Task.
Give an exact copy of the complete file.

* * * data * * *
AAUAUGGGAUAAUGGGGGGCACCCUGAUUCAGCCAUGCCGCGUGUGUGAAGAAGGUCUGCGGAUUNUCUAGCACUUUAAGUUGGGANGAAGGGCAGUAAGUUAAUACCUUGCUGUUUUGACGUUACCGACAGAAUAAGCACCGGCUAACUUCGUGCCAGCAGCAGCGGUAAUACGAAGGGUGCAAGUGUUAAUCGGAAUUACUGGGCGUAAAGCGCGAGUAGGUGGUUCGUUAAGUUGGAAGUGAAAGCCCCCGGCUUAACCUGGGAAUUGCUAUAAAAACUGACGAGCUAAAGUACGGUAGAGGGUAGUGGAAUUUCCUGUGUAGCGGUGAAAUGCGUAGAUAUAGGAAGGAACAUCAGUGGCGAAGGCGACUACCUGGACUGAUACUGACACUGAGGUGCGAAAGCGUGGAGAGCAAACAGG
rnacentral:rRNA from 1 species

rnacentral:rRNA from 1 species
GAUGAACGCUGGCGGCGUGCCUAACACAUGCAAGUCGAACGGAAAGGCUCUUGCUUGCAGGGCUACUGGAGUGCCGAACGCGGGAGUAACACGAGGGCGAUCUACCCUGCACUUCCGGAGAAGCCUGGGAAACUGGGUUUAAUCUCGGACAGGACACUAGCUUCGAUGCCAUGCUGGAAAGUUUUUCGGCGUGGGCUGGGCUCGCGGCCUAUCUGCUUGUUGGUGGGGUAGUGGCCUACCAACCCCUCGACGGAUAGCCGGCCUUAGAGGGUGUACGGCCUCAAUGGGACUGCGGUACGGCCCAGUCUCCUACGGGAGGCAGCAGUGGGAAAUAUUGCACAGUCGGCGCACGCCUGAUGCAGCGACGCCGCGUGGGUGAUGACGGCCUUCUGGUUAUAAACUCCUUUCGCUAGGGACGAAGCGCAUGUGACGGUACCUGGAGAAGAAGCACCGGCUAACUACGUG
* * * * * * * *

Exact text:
AAUAUGGGAUAAUGGGGGGCACCCUGAUUCAGCCAUGCCGCGUGUGUGAAGAAGGUCUGCGGAUUNUCUAGCACUUUAAGUUGGGANGAAGGGCAGUAAGUUAAUACCUUGCUGUUUUGACGUUACCGACAGAAUAAGCACCGGCUAACUUCGUGCCAGCAGCAGCGGUAAUACGAAGGGUGCAAGUGUUAAUCGGAAUUACUGGGCGUAAAGCGCGAGUAGGUGGUUCGUUAAGUUGGAAGUGAAAGCCCCCGGCUUAACCUGGGAAUUGCUAUAAAAACUGACGAGCUAAAGUACGGUAGAGGGUAGUGGAAUUUCCUGUGUAGCGGUGAAAUGCGUAGAUAUAGGAAGGAACAUCAGUGGCGAAGGCGACUACCUGGACUGAUACUGACACUGAGGUGCGAAAGCGUGGAGAGCAAACAGG
rnacentral:rRNA from 1 species

rnacentral:rRNA from 1 species
GAUGAACGCUGGCGGCGUGCCUAACACAUGCAAGUCGAACGGAAAGGCUCUUGCUUGCAGGGCUACUGGAGUGCCGAACGCGGGAGUAACACGAGGGCGAUCUACCCUGCACUUCCGGAGAAGCCUGGGAAACUGGGUUUAAUCUCGGACAGGACACUAGCUUCGAUGCCAUGCUGGAAAGUUUUUCGGCGUGGGCUGGGCUCGCGGCCUAUCUGCUUGUUGGUGGGGUAGUGGCCUACCAACCCCUCGACGGAUAGCCGGCCUUAGAGGGUGUACGGCCUCAAUGGGACUGCGGUACGGCCCAGUCUCCUACGGGAGGCAGCAGUGGGAAAUAUUGCACAGUCGGCGCACGCCUGAUGCAGCGACGCCGCGUGGGUGAUGACGGCCUUCUGGUUAUAAACUCCUUUCGCUAGGGACGAAGCGCAUGUGACGGUACCUGGAGAAGAAGCACCGGCUAACUACGUG